Offenses having surprisingly major role so far in World Series
SAN FRANCISCO — When the World Series began, it seemed fairly clear how the games would go. The resourceful Giants would scratch out an offense the way they always do — by taking a couple of walks, a few groundouts and the occasional wild pitch, sprinkling magic dust on them while chanting, "Yes! Yes! Yes!" and somehow transforming them into runs. The speedy Royals would piece together an attack their preferred way, by running the bases like a 4x100 relay team and trying to steal everything except Hunter Pence's scooter. Neither team would generate much in the way of offense, and we would see a string of close, low-scoring games. 2-1. 3-2. Rinse, repeat.
But as it turns out, both these teams can hit. Not in the same game, so far, which is why the Series is tied 1-1 with Game 3 on Friday at AT&T Park, but just wait. The offenses of the Giants and Royals, more opportunistic than overpowering through most of the postseason, are showing indications of an awakening.
An encouraging sign for the Giants is that they have finally gotten production at the top of the order from leadoff hitter Gregor Blanco, who was only 7-for-44 (.159) in the postseason before the Series. Blanco has led off both games with a hit, including a homer to open Game 2, and has a .500 on-base percentage through the two games. The hitters behind him are heating up as well. Pablo Sandoval, at his bad-ball hitting best in the Series, is 4-for-9 with two doubles, and Pence is 3-for-7 with a homer, two doubles and a .556 OBP.
The Royals would like to think that their game-breaking sixth inning in Game 2, which featured an Omar Infante homer and a two-run double from Salvador Perez, was a sign of things to come. "Both teams are probably known more for winning games with pitching and defense," said Billy Butler, the Royals' designated hitter who won't be the Royals' DH for the next three games in the National League park. "That's why the offenses are overlooked sometimes. But don't be fooled. Look at these lineups and you'll see some dangerous hitters on both sides."
You won't see overly imposing starting pitchers, at least until Giants ace Madison Bumgarner returns for Game 5, and that also bodes well for the bats. Both of the Game 3 starters, 39-year-old Tim Hudson and 35-year-old Jeremy Guthrie, make their living in the 90 mph range. They depend as much on their brains as their arms to get hitters out. Guthrie allowed one run in five innings in his only postseason start, a 2-1 win over Baltimore in the ALCS. Hudson, pitching in the first World Series of his 16-year career, was very good in his first start of the 2014 postseason, allowing one run in seven innings against Washington, and not quite as good in his second, when the Cardinals reached him for four runs and seven hits in 6 1/3 innings.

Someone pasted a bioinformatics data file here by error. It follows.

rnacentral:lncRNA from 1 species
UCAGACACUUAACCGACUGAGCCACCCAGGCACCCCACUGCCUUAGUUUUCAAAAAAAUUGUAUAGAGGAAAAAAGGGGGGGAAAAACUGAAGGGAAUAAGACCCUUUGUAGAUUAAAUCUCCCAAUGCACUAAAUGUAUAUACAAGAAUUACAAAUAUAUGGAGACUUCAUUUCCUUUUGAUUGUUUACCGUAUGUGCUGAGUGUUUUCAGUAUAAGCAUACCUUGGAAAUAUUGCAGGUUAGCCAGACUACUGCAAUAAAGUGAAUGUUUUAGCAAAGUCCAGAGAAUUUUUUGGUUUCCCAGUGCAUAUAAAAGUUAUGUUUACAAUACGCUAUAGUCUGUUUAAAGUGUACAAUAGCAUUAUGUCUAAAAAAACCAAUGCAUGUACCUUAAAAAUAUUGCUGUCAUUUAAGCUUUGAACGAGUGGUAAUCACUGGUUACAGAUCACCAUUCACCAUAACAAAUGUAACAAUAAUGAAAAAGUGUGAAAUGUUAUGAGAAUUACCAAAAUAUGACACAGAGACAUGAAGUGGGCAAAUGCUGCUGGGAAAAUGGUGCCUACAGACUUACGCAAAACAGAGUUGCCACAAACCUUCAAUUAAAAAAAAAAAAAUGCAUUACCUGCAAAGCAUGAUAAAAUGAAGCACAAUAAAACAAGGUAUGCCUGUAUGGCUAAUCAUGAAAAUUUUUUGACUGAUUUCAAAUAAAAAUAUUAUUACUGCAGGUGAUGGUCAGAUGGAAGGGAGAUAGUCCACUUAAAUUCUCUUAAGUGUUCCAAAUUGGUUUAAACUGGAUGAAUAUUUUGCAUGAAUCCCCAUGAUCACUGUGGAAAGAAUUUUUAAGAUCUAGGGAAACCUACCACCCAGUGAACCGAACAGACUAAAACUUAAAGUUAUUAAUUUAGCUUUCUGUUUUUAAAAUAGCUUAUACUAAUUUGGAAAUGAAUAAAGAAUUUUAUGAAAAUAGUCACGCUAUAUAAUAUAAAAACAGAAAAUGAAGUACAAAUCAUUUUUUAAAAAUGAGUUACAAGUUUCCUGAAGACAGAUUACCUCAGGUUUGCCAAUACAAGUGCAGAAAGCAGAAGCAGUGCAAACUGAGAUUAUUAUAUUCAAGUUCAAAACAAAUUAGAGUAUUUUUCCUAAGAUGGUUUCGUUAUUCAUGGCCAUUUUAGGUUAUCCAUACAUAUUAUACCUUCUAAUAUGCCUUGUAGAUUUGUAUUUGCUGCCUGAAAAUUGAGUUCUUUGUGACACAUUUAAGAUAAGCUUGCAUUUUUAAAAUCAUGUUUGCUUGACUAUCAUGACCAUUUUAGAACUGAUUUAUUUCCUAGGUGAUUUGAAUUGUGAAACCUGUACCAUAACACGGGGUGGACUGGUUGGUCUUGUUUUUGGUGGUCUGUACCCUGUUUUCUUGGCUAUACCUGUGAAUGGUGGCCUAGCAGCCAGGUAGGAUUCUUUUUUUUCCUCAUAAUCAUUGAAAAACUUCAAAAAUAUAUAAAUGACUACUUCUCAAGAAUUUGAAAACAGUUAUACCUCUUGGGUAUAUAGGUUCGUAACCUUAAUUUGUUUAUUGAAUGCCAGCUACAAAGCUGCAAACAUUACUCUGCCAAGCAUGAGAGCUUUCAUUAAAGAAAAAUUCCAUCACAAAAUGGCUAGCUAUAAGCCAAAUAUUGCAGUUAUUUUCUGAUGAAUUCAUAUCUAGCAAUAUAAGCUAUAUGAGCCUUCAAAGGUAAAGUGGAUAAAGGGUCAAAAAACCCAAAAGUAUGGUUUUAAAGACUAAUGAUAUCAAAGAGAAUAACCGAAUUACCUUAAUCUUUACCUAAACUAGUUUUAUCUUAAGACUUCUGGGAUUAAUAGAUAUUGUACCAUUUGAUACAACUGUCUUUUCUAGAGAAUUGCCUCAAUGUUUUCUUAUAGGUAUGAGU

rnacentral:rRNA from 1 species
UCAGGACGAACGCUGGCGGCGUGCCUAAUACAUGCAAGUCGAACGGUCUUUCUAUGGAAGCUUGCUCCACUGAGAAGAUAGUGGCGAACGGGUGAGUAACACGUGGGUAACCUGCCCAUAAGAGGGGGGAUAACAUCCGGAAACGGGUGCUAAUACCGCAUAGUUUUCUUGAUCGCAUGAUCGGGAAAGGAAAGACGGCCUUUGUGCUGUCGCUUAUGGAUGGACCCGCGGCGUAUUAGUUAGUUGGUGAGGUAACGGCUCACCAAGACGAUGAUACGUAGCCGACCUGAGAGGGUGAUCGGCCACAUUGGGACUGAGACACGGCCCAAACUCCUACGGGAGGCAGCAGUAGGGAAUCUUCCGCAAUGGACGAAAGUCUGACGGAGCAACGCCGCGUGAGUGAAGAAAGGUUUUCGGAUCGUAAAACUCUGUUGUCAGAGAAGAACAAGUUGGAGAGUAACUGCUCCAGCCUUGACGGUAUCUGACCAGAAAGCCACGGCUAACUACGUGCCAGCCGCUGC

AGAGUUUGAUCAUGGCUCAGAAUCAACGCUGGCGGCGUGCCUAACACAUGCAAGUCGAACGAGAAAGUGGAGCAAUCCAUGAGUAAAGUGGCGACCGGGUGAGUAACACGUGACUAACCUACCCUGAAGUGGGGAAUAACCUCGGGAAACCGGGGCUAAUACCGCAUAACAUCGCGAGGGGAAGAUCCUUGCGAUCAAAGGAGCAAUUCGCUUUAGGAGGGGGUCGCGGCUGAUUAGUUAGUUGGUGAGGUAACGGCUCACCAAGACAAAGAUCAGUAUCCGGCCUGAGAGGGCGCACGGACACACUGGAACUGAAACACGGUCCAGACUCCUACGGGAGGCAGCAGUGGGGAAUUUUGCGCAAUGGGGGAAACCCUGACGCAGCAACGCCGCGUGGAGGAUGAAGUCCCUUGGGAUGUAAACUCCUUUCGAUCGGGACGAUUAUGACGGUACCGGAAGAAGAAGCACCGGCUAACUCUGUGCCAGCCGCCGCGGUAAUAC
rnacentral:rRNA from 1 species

If either starter gets into the seventh, his team will consider it a bonus. The postseason has become the land of five-inning starts, and the formula is for the starter to get through the lineup twice before turning the game over to the bullpen. "(Lasting only five innings) is not the mindset of our starters," Guthrie said. "That's been the result, but we're out there trying to get as deep as we can. But playoff baseball has proven to be a grind on both sides. It's different than when you're out there throwing in May, and guys are just giving you two‑ or three‑pitch at‑bats, move on, and roll over and onto the next guy. There is a very heightened sense of awareness and focus by each side."
The Giants need to do their damage early, as they did with three runs in the first inning of Game 1, because the Kansas City relievers, particularly the late-inning triumvirate of Kelvin Herrera, Wade Davis and Greg Holland, been as good as advertised. That hasn't been the case for San Francisco, whose bullpen has shown cracks. Hunter Strickland's meltdown in the sixth inning of Game 2 has drawn most of the attention, but righthander Jean Machi was ineffective as well, and manager Bruce Bochy might not trust either of them in a key situation for the rest of the series. Combine that with Tim Lincecum's uncertain status after his back injury in Game 2, and the Giants' options in the bullpen are somewhat limited.
That increases the chances the teams can create major fireworks on offense, or at least some sparklers. "I've never worried about our offense as much as some people have," Bochy said. "The longer the postseason goes, the more guys get settled in at the plate and start to approach their normal numbers. We'll hit, and I'm sure they feel they will, too. Both teams are so good in every other area that if you don't hit, wins will be hard to come by." But runs, it appears, may not.